Physical therapists are health care professionals who work with patients to restore function, relieve pain, and prevent future physical limitations. Physical therapists treat injuries and conditions that affect movement, posture, and pain in individuals of all ages. But, although their services are invaluable, physical therapists aren’t always the best solution to every physical problem you might have—and not everyone needs to see one at all. Read on to learn more about when it makes sense to see a physical therapist and when it doesn’t.
Treating injuries is one of the most common reasons people see physical therapists. Depending on how severe your injury is, you may be referred by your primary care doctor, or self-refer after searching for treatments online.
The underlying cause of chronic injuries is usually overuse, which can be treated by physical therapy. The treatment helps patients learn to avoid injuries, as well as rehabilitate them when they do occur.
Sometimes, joints become inflamed and it becomes painful to move them. Joint pain can be caused by an injury, overuse or even genetics. A physical therapist can help you get on track with exercises that will allow you to feel better sooner rather than later.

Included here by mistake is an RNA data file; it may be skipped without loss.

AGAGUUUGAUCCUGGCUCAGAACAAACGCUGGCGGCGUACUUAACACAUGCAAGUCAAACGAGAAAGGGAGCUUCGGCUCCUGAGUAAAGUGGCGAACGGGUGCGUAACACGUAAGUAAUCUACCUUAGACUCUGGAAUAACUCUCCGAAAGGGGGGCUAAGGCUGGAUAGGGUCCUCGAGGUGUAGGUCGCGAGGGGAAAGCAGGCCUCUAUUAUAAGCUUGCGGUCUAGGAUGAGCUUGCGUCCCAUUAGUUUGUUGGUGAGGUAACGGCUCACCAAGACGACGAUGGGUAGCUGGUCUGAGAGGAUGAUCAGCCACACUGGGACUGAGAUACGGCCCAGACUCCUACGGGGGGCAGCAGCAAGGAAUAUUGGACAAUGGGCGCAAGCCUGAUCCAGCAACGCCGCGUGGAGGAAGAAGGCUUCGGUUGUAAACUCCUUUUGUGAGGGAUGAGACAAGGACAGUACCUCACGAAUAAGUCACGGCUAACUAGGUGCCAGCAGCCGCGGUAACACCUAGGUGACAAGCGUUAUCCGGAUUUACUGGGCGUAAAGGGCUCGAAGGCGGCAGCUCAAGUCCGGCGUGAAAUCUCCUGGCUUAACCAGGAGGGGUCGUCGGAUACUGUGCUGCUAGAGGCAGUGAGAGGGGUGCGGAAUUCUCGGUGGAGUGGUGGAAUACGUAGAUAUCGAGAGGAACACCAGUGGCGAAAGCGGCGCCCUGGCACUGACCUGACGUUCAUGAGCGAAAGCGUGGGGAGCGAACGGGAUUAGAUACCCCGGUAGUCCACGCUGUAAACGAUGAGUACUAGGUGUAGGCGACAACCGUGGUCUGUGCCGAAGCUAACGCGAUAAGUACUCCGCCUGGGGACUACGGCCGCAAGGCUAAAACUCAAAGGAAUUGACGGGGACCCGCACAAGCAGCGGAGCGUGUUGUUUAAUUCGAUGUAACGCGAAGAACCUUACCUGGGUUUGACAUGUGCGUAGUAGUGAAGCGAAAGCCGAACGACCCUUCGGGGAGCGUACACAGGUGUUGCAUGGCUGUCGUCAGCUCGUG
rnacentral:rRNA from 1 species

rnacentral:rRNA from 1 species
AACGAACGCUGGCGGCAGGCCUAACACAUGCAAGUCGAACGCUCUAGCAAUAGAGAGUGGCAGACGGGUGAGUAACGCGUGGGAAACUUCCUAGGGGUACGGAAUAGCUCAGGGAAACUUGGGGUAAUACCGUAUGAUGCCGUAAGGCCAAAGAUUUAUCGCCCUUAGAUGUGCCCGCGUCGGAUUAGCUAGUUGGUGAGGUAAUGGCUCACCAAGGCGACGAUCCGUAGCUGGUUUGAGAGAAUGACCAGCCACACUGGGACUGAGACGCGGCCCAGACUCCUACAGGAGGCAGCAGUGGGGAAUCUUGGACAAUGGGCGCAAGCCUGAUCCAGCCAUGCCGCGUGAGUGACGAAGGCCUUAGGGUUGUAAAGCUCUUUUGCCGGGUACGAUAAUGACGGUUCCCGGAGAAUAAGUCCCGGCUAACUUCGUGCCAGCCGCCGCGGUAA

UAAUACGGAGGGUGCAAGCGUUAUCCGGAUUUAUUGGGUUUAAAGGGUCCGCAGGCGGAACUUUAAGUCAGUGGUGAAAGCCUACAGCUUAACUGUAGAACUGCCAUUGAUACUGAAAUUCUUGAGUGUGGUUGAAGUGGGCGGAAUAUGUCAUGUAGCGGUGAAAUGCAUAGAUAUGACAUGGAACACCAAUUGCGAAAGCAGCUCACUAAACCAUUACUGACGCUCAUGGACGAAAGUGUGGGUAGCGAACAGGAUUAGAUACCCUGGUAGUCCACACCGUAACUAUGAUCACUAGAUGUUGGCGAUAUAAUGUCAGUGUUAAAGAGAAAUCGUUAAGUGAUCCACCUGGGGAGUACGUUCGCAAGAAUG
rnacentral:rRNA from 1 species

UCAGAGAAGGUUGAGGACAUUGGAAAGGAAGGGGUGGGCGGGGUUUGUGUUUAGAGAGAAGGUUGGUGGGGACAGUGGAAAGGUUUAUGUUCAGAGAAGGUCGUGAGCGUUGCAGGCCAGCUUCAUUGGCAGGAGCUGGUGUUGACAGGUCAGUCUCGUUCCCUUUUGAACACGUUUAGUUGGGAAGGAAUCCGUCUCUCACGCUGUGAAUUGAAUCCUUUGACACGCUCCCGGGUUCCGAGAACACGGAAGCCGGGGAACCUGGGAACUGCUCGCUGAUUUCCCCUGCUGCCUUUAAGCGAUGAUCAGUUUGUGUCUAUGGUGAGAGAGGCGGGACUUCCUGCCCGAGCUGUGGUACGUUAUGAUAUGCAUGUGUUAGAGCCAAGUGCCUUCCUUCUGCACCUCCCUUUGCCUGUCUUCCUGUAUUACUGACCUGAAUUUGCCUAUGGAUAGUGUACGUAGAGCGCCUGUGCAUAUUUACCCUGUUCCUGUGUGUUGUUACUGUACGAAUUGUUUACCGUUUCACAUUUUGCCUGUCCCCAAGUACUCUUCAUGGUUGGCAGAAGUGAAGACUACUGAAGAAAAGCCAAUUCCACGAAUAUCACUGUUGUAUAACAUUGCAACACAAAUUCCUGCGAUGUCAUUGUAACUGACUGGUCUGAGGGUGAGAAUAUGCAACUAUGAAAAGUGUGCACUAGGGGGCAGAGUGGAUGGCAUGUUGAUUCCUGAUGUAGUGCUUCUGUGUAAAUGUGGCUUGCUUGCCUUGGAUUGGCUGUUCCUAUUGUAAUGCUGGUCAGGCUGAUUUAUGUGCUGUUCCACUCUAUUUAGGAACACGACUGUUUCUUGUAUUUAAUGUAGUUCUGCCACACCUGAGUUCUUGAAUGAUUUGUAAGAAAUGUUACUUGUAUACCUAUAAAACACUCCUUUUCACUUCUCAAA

If you’re experiencing severe pain in a specific muscle, it’s likely that you should seek help from a physical therapist.
A physical therapist can help treat injuries by performing manual therapy, administering modalities and therapeutic exercises, and providing nutritional guidance. This type of rehabilitation allows you to avoid surgery and return to sports with less pain.
Many people with carpal tunnel syndrome, an inflammation of tendons in your wrist that can often result in pain and weakness in your hands, can ease their symptoms with physical therapy—this is true even for those who’ve been told by their doctor or orthopedist that surgery is necessary. A physical therapist can also help relieve joint pain, decrease tightness and improve range of motion.